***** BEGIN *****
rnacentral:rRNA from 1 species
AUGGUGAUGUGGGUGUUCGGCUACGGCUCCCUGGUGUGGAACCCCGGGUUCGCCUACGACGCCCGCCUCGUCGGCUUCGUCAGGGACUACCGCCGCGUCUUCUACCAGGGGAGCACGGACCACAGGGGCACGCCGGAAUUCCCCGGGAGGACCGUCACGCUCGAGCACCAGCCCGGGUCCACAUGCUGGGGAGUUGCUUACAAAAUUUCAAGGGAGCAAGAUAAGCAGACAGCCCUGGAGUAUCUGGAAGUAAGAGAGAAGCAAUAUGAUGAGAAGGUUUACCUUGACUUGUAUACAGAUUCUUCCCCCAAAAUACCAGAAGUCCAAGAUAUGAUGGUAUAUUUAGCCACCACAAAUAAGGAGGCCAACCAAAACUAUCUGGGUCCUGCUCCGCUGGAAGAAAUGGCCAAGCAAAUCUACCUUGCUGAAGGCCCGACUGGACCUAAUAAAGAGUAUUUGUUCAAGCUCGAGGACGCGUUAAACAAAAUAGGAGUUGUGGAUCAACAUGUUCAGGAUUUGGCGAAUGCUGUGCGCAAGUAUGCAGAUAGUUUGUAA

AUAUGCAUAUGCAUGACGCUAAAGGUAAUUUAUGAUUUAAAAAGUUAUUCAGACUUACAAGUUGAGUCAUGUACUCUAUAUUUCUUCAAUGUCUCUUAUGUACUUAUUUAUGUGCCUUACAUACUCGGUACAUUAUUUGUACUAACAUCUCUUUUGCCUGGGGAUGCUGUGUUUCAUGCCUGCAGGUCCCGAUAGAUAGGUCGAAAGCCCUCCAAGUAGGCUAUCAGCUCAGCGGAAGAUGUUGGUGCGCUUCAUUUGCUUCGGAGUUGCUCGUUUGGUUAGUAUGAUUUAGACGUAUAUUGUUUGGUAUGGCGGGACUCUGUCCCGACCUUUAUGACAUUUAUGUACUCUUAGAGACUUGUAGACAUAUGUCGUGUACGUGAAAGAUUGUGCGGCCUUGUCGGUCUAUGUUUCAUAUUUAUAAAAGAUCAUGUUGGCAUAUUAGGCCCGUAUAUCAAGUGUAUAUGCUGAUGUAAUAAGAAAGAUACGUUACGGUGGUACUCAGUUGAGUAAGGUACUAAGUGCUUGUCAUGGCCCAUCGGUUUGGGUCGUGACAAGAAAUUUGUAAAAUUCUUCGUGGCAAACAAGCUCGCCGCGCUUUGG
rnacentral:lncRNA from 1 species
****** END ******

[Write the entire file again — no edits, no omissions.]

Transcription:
rnacentral:rRNA from 1 species
AUGGUGAUGUGGGUGUUCGGCUACGGCUCCCUGGUGUGGAACCCCGGGUUCGCCUACGACGCCCGCCUCGUCGGCUUCGUCAGGGACUACCGCCGCGUCUUCUACCAGGGGAGCACGGACCACAGGGGCACGCCGGAAUUCCCCGGGAGGACCGUCACGCUCGAGCACCAGCCCGGGUCCACAUGCUGGGGAGUUGCUUACAAAAUUUCAAGGGAGCAAGAUAAGCAGACAGCCCUGGAGUAUCUGGAAGUAAGAGAGAAGCAAUAUGAUGAGAAGGUUUACCUUGACUUGUAUACAGAUUCUUCCCCCAAAAUACCAGAAGUCCAAGAUAUGAUGGUAUAUUUAGCCACCACAAAUAAGGAGGCCAACCAAAACUAUCUGGGUCCUGCUCCGCUGGAAGAAAUGGCCAAGCAAAUCUACCUUGCUGAAGGCCCGACUGGACCUAAUAAAGAGUAUUUGUUCAAGCUCGAGGACGCGUUAAACAAAAUAGGAGUUGUGGAUCAACAUGUUCAGGAUUUGGCGAAUGCUGUGCGCAAGUAUGCAGAUAGUUUGUAA

AUAUGCAUAUGCAUGACGCUAAAGGUAAUUUAUGAUUUAAAAAGUUAUUCAGACUUACAAGUUGAGUCAUGUACUCUAUAUUUCUUCAAUGUCUCUUAUGUACUUAUUUAUGUGCCUUACAUACUCGGUACAUUAUUUGUACUAACAUCUCUUUUGCCUGGGGAUGCUGUGUUUCAUGCCUGCAGGUCCCGAUAGAUAGGUCGAAAGCCCUCCAAGUAGGCUAUCAGCUCAGCGGAAGAUGUUGGUGCGCUUCAUUUGCUUCGGAGUUGCUCGUUUGGUUAGUAUGAUUUAGACGUAUAUUGUUUGGUAUGGCGGGACUCUGUCCCGACCUUUAUGACAUUUAUGUACUCUUAGAGACUUGUAGACAUAUGUCGUGUACGUGAAAGAUUGUGCGGCCUUGUCGGUCUAUGUUUCAUAUUUAUAAAAGAUCAUGUUGGCAUAUUAGGCCCGUAUAUCAAGUGUAUAUGCUGAUGUAAUAAGAAAGAUACGUUACGGUGGUACUCAGUUGAGUAAGGUACUAAGUGCUUGUCAUGGCCCAUCGGUUUGGGUCGUGACAAGAAAUUUGUAAAAUUCUUCGUGGCAAACAAGCUCGCCGCGCUUUGG
rnacentral:lncRNA from 1 species